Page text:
Expressing that her love and passion for her home of Sweeting’s Cay runs deep, proprietor of Heady’s Apiary and Tours Heather Feaster said, she is determined to do all in her power to expose the world to the beauty, peace and tranquility that the Cay is known and loved for.
In a recent interview with this daily, Feaster shared the pairing of her apiary businesses along with her passion of preserving the natural habitats for endangered species, while offering tours to visitors and natives.
“The idea of the business venture came about when I was selected to participate in a venture, which the Bahamas Development Bank (BDB) launched. They decided to tap into untapped markets that we are lacking, but that are sustainable enough to have running in the country, which was bee keeping. The idea was to harvest bees for the production of honey. Many of the other Caribbean countries are doing it, but we, here in The Bahamas, while there are some that do it, it is not done on a large scale.
“In doing so, the BDB invested over $400,000, sending 24 students to complete courses from January to May of last year. Successful candidates once they passed, they were required to present a successful business plan to BDB, where they in turn decided to fund said companies. I decided to open my business in Sweeting’s Cay, because that is where I am from and if I were to do anything I want to empower Sweeting’s Cay,” Feaster explained.
“I went back to Sweeting’s Cay where I started my honey farm, by trial and error, but nevertheless it is coming along. In the midst of opening my honey farm, I realized that there was so much more that I could offer on Sweeting’s Cay not just honey. So, I decided to incorporate tours into my company.
“Therefore, I went ahead and took all of the necessary steps to obtain my tour license. I also discovered at that time, despite all of my life growing up on Sweeting’s Cay, that we have a Turtle Pond. With that in mind, on October 14, 2018 I created The Sweeting’s Cay Heritage Association, which would protect all of our natural habitats on the island – the pond, the creek, the dock and all of our boiling holes. The idea behind what I am doing is to empower Sweeting’s Cay,” said Feaster.
She shared a few of the association’s plans moving forward. “We want to transform the Turtle Pond into a National Park. We have folks (tourists) coming in and out of the Cay all the time, but it is not benefitting the Cay. Persons come and visit the island, participate in the little activities that we have going on and so, I decided to approach the residents suggesting that we create the association to establish a National Park and other ventures on the island for guests to enjoy.
“As far as my tours are concerned, once persons come they will be exposed to Down Home Nature Tours. They will have the opportunity to go fishing on the rocks, poke conchs, learn how to crack conch out of the shell, how to scale and clean fish. Once they enter the Turtle Park, the idea behind it is to have various booths and vendors set up, where the demonstrations from making conch salad to cleaning fish and to souvenirs will be offered.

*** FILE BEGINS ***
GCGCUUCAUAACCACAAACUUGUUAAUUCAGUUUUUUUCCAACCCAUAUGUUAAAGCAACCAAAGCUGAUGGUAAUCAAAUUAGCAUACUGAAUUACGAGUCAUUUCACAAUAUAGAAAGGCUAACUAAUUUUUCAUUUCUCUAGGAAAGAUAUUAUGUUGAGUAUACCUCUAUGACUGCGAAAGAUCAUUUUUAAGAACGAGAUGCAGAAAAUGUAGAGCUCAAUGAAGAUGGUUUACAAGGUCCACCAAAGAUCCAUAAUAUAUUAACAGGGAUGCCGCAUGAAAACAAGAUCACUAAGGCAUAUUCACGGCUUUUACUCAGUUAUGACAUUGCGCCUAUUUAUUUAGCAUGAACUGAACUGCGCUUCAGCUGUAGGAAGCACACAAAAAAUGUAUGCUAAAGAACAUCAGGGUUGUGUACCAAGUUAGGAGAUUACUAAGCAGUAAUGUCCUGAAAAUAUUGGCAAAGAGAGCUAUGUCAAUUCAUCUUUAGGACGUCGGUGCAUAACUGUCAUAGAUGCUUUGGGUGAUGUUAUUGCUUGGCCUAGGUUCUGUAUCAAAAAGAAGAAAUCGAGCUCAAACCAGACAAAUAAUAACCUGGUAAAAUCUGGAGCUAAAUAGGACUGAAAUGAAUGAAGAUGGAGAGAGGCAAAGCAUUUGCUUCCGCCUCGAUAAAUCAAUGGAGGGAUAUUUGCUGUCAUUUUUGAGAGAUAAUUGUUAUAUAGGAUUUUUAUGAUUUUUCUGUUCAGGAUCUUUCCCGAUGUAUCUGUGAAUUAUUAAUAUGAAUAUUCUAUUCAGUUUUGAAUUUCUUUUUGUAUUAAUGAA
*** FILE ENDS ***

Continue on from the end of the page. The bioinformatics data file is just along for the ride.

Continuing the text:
“They will also have the opportunity to participate in Kayak Tours. This is where we are headed and some of the ideas we have for the association,” detailed the young entrepreneur.
Questioned about the response from residents, so far, in terms of the association’s proposals, Feaster said, “So far the response has been fairly good.
“Since the creation of the association in October and selecting Board members, I went to our Member of Parliament K. Peter Turnquest, because as it is a non-profit organization we needed resources to pay for the legal fees and others. After speaking with him, he sponsored the needed funds to pay for the fees. Moving forward we will continue to have meetings to bring everyone up to par with respect to where we are going.
“One of the concerns we have, however, is that as it is a non-profit entity we are looking for persons that may have funds allocated for ventures such as this that may be willing to assist us, lending a helping hand in getting it up and running. We are really passionate about the preservation of the Turtle Pond, as the turtle is now an indigenous species here in The Bahamas,” Feaster disclosed.
“That is what we are really looking at doing, because once they are out in the open folks tend to catch them, eat them and whatever else. The pond is big enough to allow them to be in there where they can multiply, but we need funding to help to bring the pond up to a certain standard so that when they lay their eggs, they are able to reproduce freely. That is what we as an association are trying to do.
“So far, the response has been good; many residents are for it because it is for the empowerment of the Cay, it is going to bring jobs, bring light to Sweeting’s Cay and put us out there. We have so much to offer, but it is really not known. That is what I am fighting for,” added Feaster.
While her honey products have yet to hit store shelves, Feaster revealed that last summer she was able to produce honey, which was bottled and sold on an individual basis.